Interview by Emily Koai, LRWP Spring 2020 Raritan Scholar
Anton Getz, LRWP’s newest board member, is a Mapping Specialist with Michael Baker International, where he is the GIS Lead, Project Manager, and Instructor for their Floodplain Management Division. Volunteers for LRWP’s stream clean-ups will likely remember Anton as the fellow “in the water” during our events, where he helps strategize safe removal of large items from our streams. Anton has a background in geography, and is passionate about environmental stewardship and sustainability, natural resource conservation, clean water advocacy, sustainable land use, historic preservation, and local food systems.
EK: Could you tell us a little about yourself and your background?
AG: I have lived in the Lower Raritan Watershed my whole life. I went to Rutgers and studied Geography, and now work on flood hazard mapping, mitigation, and risk communication for a living. I have a love and appreciation for nature and the outdoors and have a known bad habit of taking too many outdoorsy photos. I’m also an animal person and have always had dogs as a companion.
EK: Did you have any passion projects in your career that led you to where you are today?
AG: I have been doing consulting work for FEMA’s National Flood Insurance Program for over a decade. This work is mostly focused on floodplain mapping, but also includes working on regulations, insurance implications, and hazard mitigation. The FEMA program has helped me see how our land development patterns have gravitated towards water over time. Serious flood hazard exist that are not obvious to normal folks on a day-to-day basis. It is so difficult to successfully communicate data, hazards, and risks to people! This work has shown how interdisciplinary water issues are—public safety, environmental health, public policy, economic activity, and social “sense-of-place” all play a role in our relationship with water.
EK: How has working with the LRWP helped enhance your personal goals for the watershed?
AG: I have been doing cleanups with LRWP for few years and joined the board earlier in 2020. We had a full slate of event-planning for the year until COVID-19 hit. So, I would say goals and progress have been slowed for the moment, but I hope that I can help grow the cleanup program, recreational activities, and donor support.
EK: How have you encouraged engagement with the watershed in your community?
AG: I’m more of a doer than a talker. I stay late at cleanups! Sometimes to the dismay of the organizers…and I work hard. Perhaps you can call it inspiration through action.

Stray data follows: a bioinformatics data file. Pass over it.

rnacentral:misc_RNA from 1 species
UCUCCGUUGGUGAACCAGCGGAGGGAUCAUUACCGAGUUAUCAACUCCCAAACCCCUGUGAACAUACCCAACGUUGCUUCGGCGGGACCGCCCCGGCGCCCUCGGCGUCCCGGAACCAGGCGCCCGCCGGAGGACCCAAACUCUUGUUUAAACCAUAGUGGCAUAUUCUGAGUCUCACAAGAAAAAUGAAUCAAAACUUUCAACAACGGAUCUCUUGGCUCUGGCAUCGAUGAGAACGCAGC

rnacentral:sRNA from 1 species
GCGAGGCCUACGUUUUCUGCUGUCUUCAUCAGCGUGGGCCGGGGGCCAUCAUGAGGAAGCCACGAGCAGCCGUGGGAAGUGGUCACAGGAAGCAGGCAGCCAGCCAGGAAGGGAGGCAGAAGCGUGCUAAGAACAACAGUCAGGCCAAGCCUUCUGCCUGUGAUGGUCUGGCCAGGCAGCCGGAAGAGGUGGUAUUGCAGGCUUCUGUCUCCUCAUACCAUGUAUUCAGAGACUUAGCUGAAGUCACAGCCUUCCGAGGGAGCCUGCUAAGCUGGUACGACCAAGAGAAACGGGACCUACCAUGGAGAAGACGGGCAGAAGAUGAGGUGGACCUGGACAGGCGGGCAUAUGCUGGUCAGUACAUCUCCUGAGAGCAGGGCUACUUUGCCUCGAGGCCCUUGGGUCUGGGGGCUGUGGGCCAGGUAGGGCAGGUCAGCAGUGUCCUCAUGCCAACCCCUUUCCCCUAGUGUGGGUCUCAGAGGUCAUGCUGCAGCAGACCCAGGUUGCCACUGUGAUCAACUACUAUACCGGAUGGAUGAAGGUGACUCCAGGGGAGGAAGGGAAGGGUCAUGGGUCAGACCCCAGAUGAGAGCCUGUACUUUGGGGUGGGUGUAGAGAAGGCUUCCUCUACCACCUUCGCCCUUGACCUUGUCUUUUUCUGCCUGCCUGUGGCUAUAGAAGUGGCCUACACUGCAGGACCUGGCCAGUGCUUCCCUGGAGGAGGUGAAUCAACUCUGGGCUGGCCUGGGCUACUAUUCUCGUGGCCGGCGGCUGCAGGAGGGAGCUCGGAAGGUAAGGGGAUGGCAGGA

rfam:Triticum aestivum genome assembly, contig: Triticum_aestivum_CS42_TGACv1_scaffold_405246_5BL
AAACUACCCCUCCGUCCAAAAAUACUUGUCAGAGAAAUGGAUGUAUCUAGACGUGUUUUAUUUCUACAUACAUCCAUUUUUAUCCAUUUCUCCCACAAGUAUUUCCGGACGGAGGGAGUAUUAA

EK: Why are stream cleanups important with regard to community engagement?
AG: Stream cleanups personalize the impact of our collective human activities. We can be very insulated from the full life cycle of our consumption choices—not seeing where our stuff came from or where it goes after we are done with it. Doing a stream cleanup sheds lights on the question of where it goes, and even where it came from. “Why are there so many pieces of Styrofoam coffee cups in the river? How did a municipal recycling bin get into the river? Why are there plastics bottles filled with pee in the rivers?” With this knowledge, communities can make informed decisions about collective and personal activities. Do they want to zone and approve more businesses that produce single-use litter in their towns? Will individuals choose to purchase more package-less food from a farmer’s market? And so on.
EK: How do you see this work progressing in the future?
AG: We were trending towards and starting to plan more cleanups and more community events with growing and diversified engagement. The LRWP has certainly impressed me with its ability to attract and engage a really diversified group of supporters and volunteers. However, uncertainty has descended upon us with the COVID-19 outbreak. When and how we return to community events is unknown at this point. I hope it does not discourage turnout when we do start to resume activities, but perhaps instead inspires people to act more locally on behalf of the health of the environment and people.
EK: What is your message to anyone that wants to be more engaged?
AG: I am relatively new to the environmental non-profit world in terms of taking action beyond what I do on my own, at home, such as limiting water and energy usage, eating locally, taking care of material items so they last, etc. So it’s never too late to start. My advice would be to find a cause you believe in, talk to people involved with that cause, ask questions, and volunteer your time. It will open up doors.